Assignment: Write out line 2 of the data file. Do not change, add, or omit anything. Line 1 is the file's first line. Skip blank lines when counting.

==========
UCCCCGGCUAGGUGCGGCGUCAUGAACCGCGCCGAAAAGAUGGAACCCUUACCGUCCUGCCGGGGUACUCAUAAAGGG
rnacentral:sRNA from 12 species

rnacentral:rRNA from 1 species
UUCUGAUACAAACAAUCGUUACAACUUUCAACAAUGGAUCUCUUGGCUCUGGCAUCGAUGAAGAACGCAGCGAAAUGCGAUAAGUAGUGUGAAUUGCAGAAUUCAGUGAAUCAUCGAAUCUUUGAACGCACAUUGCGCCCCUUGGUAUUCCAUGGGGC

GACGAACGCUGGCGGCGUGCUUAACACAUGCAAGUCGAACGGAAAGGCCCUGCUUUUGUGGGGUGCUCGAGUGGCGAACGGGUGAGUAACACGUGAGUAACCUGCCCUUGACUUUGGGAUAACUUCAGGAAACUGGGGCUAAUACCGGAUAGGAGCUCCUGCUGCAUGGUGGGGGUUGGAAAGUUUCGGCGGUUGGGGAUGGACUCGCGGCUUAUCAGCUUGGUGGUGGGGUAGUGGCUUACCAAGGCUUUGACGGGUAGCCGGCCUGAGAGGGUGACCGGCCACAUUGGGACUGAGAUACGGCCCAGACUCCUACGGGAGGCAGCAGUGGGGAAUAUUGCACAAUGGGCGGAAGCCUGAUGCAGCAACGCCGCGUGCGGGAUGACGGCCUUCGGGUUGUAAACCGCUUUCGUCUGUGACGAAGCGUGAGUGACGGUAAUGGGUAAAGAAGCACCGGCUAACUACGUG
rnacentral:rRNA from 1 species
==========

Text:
rnacentral:sRNA from 12 species